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What do mean by Gameplay

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What I'm asking is, what is game play? How do you define it? And the bigger question, how do you make it fun? I'm looking for people opions here, with an example if you will. And please no "If you don't know what it is, we can't/won't tell you" answers. Thanks, Armand.

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This is going to sound like a "If you don't know what it is, we can't/won't tell you" answer, I think it's nearly unavoidable.

The best description of gameplay is 'how the game plays'. It's much like the aesethic experience of a work of art can induce.

It's generally not possible to explain fully why you like a work of art.

I'm hoping this scenario is reasonably familiar. Consider having a painting that you like and a painting that you don't. Consider that they are also similar, similar subjects, similar attention to detail etc., Why do you like one and not the other?

All in all, it's rather difficult to define and quantify gameplay. It's easier to spot good gameplay when you see it. Even then it's a subjective assessment - hence why some people enjoy certain genres and others despise them.

It's much easier to identify what makes for poor gameplay. Which because gameplay is pretty much the experience of the player, anything bad in the entire game makes for bad gameplay.

I mean bad, not poor, Something is generally bad when it doesn't perform it's function eg., controls that don't, icons that you can't understand. Anything above functional is a bonus.

Where the functional line is drawn is quite game specific. Compare Halflife 2's graphics to Doom 3's. Personal preferences aside, HL2's graphics are essentially eye candy, they're not important to the gameplay. Doom 3's graphics are more critical (and rather too dark), if places that stuff was going to leap at you from was clearly marked (by looking like a model and not like part of the world) much of the experience would be lost.

Similarily, Doom 3's physics are essentially eye candy, whereas in HL2, they're much more part of the gameplay - eg., use of objects as weapons.

I think that things that can destroy an otherwise decent game are not lack of technology or pretty things. It's been shown /many/ times that excellence in these does not make a great game. If the player doesn't know what to do or cannot use the controls, they'll drop it /really/ fast.

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well if you don't know.. KIDDING!! =D

to me, gameplay is what the player has to do in the game. Not the objective, but the actual tasks to do.

For example, tetris gameplay is about moving and rotating pieces so they fit.

Mario 64's gameplay is to run and jump around a level, avoiding or hopping on enemies, heading for the location of a star. Sometimes this is replaced by another specific task, such as racing sliding down on ice, etc etc. (and while typing i realise how deep it is.)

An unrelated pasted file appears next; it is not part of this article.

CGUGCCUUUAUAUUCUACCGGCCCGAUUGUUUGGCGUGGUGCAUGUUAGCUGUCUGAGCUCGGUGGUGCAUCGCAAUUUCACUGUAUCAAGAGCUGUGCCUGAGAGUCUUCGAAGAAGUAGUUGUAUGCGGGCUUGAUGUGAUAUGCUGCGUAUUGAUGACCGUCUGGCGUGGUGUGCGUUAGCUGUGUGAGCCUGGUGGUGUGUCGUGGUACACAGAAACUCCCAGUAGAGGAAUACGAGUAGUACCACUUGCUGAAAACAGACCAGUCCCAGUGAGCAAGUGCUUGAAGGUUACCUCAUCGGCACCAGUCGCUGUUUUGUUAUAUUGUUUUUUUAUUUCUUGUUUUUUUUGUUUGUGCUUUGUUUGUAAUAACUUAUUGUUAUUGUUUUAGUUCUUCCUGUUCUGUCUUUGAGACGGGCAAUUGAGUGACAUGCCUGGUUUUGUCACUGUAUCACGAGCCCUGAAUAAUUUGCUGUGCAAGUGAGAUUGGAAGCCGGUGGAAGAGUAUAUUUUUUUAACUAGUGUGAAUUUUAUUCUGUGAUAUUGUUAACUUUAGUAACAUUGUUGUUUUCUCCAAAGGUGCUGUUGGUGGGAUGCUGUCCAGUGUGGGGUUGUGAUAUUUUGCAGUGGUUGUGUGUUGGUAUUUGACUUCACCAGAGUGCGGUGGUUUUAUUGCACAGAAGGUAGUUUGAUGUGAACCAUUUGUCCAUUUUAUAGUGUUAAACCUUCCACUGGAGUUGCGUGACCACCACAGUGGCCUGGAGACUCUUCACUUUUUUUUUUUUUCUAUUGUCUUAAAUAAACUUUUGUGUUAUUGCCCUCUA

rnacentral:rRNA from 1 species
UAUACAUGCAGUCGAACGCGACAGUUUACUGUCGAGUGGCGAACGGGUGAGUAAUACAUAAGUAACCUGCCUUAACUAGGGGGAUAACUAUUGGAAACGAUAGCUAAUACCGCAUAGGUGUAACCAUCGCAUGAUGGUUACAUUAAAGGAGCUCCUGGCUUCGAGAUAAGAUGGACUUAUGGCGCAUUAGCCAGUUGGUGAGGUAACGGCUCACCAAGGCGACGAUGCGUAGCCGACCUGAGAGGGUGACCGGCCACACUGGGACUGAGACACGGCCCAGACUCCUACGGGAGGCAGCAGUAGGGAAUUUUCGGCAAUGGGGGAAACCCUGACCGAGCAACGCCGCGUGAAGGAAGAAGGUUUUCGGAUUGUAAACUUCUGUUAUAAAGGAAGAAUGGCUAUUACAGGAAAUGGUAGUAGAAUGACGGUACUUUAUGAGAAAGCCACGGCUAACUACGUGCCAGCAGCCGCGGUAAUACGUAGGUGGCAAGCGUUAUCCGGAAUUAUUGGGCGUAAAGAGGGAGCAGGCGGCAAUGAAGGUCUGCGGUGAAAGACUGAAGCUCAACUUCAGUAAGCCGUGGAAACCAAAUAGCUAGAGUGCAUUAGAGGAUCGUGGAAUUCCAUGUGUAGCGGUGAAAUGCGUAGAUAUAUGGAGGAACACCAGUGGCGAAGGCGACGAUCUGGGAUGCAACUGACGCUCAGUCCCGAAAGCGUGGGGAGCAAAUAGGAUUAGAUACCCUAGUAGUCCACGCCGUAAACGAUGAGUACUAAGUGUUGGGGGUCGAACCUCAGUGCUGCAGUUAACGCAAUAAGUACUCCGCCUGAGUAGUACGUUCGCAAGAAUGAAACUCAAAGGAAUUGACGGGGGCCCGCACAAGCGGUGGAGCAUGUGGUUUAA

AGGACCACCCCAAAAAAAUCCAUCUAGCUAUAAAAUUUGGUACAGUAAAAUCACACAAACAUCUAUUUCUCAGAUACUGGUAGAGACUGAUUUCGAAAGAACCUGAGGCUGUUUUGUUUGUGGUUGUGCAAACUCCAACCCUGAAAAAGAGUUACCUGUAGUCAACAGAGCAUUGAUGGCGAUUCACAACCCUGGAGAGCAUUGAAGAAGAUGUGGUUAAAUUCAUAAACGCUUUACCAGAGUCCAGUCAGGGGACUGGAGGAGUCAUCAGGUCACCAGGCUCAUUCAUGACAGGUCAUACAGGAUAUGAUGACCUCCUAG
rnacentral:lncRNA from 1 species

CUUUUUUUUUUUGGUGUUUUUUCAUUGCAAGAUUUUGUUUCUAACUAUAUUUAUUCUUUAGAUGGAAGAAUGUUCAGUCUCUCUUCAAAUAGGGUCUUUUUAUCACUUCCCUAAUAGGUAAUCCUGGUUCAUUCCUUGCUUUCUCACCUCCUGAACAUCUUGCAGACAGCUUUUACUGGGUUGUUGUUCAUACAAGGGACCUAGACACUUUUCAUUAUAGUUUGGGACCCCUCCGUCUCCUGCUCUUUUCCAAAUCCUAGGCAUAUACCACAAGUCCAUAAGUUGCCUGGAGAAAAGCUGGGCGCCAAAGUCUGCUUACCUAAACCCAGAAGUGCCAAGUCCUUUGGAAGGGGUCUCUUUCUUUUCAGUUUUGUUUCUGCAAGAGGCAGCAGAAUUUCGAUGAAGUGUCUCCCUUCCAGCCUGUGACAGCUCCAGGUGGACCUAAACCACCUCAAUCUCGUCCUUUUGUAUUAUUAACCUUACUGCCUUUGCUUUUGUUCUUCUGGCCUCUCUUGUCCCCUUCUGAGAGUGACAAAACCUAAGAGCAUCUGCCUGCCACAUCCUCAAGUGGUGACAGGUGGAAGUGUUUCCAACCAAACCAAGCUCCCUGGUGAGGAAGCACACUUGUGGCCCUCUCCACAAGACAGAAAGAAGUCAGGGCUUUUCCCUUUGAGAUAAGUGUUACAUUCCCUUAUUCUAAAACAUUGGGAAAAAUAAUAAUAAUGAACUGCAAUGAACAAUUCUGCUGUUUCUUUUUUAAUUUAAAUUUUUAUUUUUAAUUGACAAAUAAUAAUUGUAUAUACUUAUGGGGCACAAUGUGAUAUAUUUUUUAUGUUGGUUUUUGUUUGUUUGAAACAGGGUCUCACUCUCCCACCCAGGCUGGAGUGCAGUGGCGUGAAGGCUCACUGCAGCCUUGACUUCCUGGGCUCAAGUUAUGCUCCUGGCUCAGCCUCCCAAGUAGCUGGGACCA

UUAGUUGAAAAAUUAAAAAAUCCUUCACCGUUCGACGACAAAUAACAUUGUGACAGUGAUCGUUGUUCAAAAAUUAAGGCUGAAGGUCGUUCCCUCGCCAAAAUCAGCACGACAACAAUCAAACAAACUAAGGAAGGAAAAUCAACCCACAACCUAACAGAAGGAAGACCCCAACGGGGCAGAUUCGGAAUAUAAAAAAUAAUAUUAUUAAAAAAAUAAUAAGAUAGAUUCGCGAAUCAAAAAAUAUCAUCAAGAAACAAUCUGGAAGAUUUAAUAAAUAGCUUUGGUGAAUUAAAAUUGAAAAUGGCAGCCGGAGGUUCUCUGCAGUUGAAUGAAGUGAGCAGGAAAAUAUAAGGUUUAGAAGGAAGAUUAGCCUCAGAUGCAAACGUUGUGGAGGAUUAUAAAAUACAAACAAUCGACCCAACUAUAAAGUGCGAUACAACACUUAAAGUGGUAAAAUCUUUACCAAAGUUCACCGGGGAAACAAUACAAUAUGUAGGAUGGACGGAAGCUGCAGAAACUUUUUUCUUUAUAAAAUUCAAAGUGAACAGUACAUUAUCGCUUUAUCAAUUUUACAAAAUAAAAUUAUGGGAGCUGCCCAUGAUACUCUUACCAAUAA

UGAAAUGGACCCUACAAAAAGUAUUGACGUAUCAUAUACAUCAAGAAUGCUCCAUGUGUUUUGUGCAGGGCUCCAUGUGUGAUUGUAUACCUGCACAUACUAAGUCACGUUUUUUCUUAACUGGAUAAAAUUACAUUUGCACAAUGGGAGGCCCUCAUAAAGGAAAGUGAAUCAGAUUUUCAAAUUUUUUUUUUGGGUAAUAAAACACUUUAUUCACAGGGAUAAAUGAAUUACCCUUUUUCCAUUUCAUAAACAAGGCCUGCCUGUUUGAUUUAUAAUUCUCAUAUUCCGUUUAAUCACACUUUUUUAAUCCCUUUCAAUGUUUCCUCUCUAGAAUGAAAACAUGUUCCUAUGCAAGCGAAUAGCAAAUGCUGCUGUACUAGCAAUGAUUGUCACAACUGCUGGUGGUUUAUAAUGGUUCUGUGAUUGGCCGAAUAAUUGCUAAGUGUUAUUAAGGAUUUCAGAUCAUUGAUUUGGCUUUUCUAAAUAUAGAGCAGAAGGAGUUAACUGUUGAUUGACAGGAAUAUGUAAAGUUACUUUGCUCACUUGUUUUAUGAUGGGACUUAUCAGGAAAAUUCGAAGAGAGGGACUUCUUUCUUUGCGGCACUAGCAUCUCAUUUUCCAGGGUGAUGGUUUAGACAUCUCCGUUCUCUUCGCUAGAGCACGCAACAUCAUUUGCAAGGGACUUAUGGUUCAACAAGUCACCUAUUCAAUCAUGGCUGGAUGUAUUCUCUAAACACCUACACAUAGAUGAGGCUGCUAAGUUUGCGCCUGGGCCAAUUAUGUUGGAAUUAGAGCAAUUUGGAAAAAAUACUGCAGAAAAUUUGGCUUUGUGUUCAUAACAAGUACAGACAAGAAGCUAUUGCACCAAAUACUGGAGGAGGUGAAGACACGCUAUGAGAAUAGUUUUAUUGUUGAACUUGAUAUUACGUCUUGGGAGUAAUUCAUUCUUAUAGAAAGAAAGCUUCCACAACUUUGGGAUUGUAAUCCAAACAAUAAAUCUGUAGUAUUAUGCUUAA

How to make it fun? Following the Mario example, i'd say make it varied enough to keep interest, yet consistent with a theme. In a plot driven game, gameplay takes almost a second seat to the story (but not quite, gameplay is always first!) since the main grip is the latter. If your gameplay is really good, you'll find players tend to forget about the story. Adjust game design accordingly =)

about consistency, to me is ALL in gameplay. If running too much makes you tired, every other character should get tired after too much running. If you can barely see in some levels, other human characters should also be barely able to see (this is something commonly missed, i believe Far Cry has this problem). This will reduce the impression of AI cheating and make for much more enjoyable gameplay.
So the consistency is all about letting the player predict the outcome of actions, allowing him/her to make plans and execute them, and as the game advances use this knowledge in more complex plans.

er.. yeah that =) (woo long post)

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The topic is rather subjective, which is why I'm asking, I want other/different opinions on the matter

LucidIon : You explained your self, which was the point of the "If you don't know.." line.

Madster: >;P (back at you)

But okay, to summarise what we've got.

Game play is more about interfacing the player with the world, and the tasks you give them to perform. More than the actual "Goal" of the game.

So if the player can:
* Manipulate the world/avatar in an intuitive way, to the extent that the world can be manipulated (i.e. doing every thing that can be done easily, but not limiting what could be done by the way your doing it.)
* Easily recognize what has to be done to accomplish the "Goal"
* Respond quickly to changes in the game world.

The reason I'm trying to quantify this, is I have an opportunity of reworking a games design for a new job I'm starting soon.
I want to keep a list of what I'm trying to achieve. It's better if I can print it out, rather than keep it as a unexplainable thing in my head.

I expect it to read far more like philosophy than any tech check list, but well, doesn't all art.


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The gameplay consists of the actions a player can take in-game and the logic dictating which actions have which results.

In an FPS, the actions might include moving, shooting, reloading, changing weapons, etc, and the logic would include things like "hit somebody with a shot and their HP decrease. when HP = 0, they die and are moved to a 'spawn location' and being play again with only the weakest weapon"

In a board game, the only action might be roll the dice->look up the value on the table->move your piece as the table indicates, and the logic would be 'take turns until one player's piece reaches the gold square, and that player is the winner. continue until only one player has not reached the gold square'.

The specific details are very important as they effect the 'feel' of the game and a very small change can be the difference between a player loving the game and hating it.